Unfortunately, coronavirus-induced panic buying has not only been limited to supermarkets. Pop into your local chemist and you will be greeted with the same, grim picture of empty shelves. Consumers have flocked to the pharmacy on their way from the shops to stockpile on refills for prescriptions and anything they think will help them in the COVID-19 pandemic.
Given this surge in demand, pharmaceutical companies could follow in the steps of supermarkets and lock in record sales figures. So, are the ASX pharmaceutical shares a bargain?
Government implements purchase limits
Frenzied shoppers have been raiding pharmacies, with Ventolin, face masks, thermometers, painkillers, hand sanitiser and vitamins flying off shelves. Drug wholesalers have reported that demand for over-the-counter and prescription medications has exceeded forecasts as the COVID-19 pandemic throws consumers into a buying frenzy.
In order to combat panic buying at pharmacies, the government has had to intervene and place a purchase limit on pharmaceutical goods in order to prevent medical shortages. Under the restrictions, pharmacies have been instructed to dispense only 1 month’s worth of prescription medicines and limit the purchase of some over-the-counter products.
Which ASX shares should you be watching?
The Sigma Healthcare Ltd (ASX: SIG) share price closed nearly 13% higher yesterday after the company released a market update regarding a supply agreement and the COVID-19 pandemic. Management addressed the increased demand for products and the impact this may have on supply chains. Shareholders were assured that Sigma is working with suppliers to help ensure that medicines are fairly distributed to consumers. The Sigma share price also surged on the back of the company’s 5-year supply agreement with Pharmacy Alliance for all over-the-counter products.
AFT Pharmaceuticals Ltd (ASX: AFP) is another company that could benefit from the buying panic. AFT released a trading update last week outlining the strong consumer demand for cold and influenza medication. According to the update, AFT had quickly built up stocks on key medicine in Australia and is being rewarded with the foresight. The company remains confident that any impact on global supply chains will be offset by local sales gains.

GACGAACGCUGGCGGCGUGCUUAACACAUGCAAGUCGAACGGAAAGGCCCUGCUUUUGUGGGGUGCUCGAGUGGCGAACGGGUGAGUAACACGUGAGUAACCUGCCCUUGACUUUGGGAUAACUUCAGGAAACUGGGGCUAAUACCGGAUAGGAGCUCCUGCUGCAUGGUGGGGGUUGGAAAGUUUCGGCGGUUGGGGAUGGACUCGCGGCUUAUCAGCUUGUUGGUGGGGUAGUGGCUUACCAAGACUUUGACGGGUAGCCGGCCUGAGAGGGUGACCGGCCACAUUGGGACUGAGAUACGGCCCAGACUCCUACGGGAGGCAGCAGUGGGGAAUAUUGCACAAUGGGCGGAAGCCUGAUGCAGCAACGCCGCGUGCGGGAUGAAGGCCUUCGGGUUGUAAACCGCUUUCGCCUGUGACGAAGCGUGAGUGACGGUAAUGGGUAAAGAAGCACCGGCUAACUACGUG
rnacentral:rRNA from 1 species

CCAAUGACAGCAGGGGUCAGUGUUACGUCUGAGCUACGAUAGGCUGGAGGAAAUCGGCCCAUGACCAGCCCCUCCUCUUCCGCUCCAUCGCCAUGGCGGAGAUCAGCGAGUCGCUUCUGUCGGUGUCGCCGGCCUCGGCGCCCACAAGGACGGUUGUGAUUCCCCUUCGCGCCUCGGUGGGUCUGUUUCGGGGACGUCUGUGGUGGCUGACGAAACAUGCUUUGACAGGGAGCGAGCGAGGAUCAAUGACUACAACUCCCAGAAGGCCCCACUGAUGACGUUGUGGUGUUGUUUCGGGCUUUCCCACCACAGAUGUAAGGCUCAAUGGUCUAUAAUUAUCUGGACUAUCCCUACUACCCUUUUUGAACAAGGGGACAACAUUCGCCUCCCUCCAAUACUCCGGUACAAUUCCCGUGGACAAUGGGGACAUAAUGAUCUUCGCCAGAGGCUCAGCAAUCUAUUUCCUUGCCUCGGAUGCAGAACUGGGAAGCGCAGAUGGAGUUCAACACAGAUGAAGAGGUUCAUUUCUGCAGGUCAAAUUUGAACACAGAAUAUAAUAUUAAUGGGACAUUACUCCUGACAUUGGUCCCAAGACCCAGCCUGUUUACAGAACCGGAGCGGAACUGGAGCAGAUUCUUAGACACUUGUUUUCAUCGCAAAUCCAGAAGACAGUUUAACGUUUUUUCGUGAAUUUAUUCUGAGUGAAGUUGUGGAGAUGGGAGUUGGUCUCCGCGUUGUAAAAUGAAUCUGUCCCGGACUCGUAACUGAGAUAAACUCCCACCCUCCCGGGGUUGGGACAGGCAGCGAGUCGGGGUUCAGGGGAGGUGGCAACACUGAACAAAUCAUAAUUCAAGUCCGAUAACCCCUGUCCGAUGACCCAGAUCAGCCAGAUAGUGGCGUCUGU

Should you buy?
As we have seen, it has not all been doom and gloom for investors as the market will always provide us with new opportunities. Just as how the shares in supermarket giants have managed to stabilise, pharmaceutical companies could offer the same price action.
I think a prudent strategy would be to compile a larger watchlist of pharmaceutical and biotech companies and let positive price action dictate before making an investment decision.
If there's one thing for sure, 2020 has been the year we embraced sanitisation. Scott Phillips has discovered a little-known Australian healthcare company could be set to reap the rewards of the post-covid world.
Better yet, this fast-growing company is currently trading at a 30% discount from its highs. Scott believes in this stock so much, he's staked $209k of our own company money on it. Forget 'buy now pay later', this stock could be the next hot stock on the ASX.
Scott and his team have published a detailed report on this tiny ASX stock. Find out how you can access our TOP healthcare stock today!
As of 2.11.2020
Motley Fool contributor Nikhil Gangaram has no position in any of the stocks mentioned. The Motley Fool Australia has no position in any of the stocks mentioned. We Fools may not all hold the same opinions, but we all believe that considering a diverse range of insights makes us better investors. The Motley Fool has a disclosure policy. This article contains general investment advice only (under AFSL 400691). Authorised by Scott Phillips.
- Why the Eagers (ASX:APE) share price could boom post-pandemic – September 11, 2020 3:18pm
- The Regional Express (ASX: REX) share price has tripled since March – September 10, 2020 3:16pm
- Is the Flight Centre (ASX:FLT) share price about to take off? – September 9, 2020 1:51pm